Technique reported at OFC/NFOEC 2013 takes splicing out of the lab, into the production line
New multicore optical fibers have many times the signal-carrying capacity of traditional single-core fibers, but their use in telecommunications has been severely restricted because of the challenge in splicing them together-- picture trying to match up and connect two separate boxes of spaghetti so that all of the noodles in each box are perfectly aligned. Now, a new splicing technique offers an automated way to do just that, with minimal losses in signal quality across the spliced sections. The method will be described at the Optical Fiber Communication Conference and Exposition/National Fiber Optic Engineers Conference (OFC/NFOEC) in Anaheim, Calif. March 17-21.
In the telecommunications industry, engineers maximize signal-carrying capacity using a process called multiplexing, which allows multiple signals or data streams to be combined within a single fiber cable. One digital phone line, for example, uses 64 kilobits per second of bandwidth, but with a technique called time multiplexing, more than 1.5 million phone conversations can take place at the same time, carried by one fiber core. With wavelength multiplexing, that one fiber core can send up to 200 different wavelengths of light simultaneously, increasing the capacity to 10 terabits per second, serving about 200 million phone lines. Those multiplexed fibers, in turn, can be bundled together into a so-called multicore fiber (MCF), consisting of up to 19 cores—and up to 19 times the signal-carrying capacity.
The challenge, however, is splicing those multicores together.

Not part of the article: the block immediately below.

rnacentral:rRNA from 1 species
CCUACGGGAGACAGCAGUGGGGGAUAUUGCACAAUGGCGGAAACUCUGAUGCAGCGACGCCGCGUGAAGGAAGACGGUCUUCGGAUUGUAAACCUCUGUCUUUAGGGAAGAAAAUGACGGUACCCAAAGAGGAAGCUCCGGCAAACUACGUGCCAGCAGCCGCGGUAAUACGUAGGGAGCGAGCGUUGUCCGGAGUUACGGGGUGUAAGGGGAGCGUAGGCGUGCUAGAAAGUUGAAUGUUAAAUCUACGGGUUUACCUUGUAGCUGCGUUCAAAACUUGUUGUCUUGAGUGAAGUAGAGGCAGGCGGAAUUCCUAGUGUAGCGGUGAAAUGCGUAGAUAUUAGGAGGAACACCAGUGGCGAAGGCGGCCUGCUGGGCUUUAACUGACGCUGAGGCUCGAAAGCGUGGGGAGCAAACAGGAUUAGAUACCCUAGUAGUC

Researchers who work with MCFs in the lab usually have their own preferred manual processes for aligning and splicing fibers, explains Wenxin Zheng, manager of splice engineering at AFL in Duncan, S.C., who developed the new technique. "Although the manual way may be good for a skilled operator in a lab environment for research purposes, automation is the only path that can push MCF to factories and production lines."
In Zheng's process, which uses a Fujikura FSM-100P+ fusion splicer (see image), the fibers to be spliced are stripped and loaded into the splicer, then rotated and imaged with two video cameras so that their cores can be roughly aligned using a pattern-matching algorithm. Next, using a power-feedback method and image processing, a pair of corresponding cores in each fiber are finely aligned, as is the cladding around the cores. Finally, the cores are heat-spliced.
"To align the multiple cores simultaneously is a big challenge," Zheng says. "If two fibers to be spliced have random core locations, there is no way to align the entire core." However, the component cores of MCFs can be aligned if they are created using the same design standard, and if the cores are distributed symmetrically in the MCF—such as in a seven-core MCF with one central core surrounded by six cores oriented like the spokes of a wagon wheel. In that case, Zheng notes, "we can fine-align one side-core in an MCF and its cladding at the same time. Based on the geometric specifications of the fiber, the rest of the cores will be automatically aligned."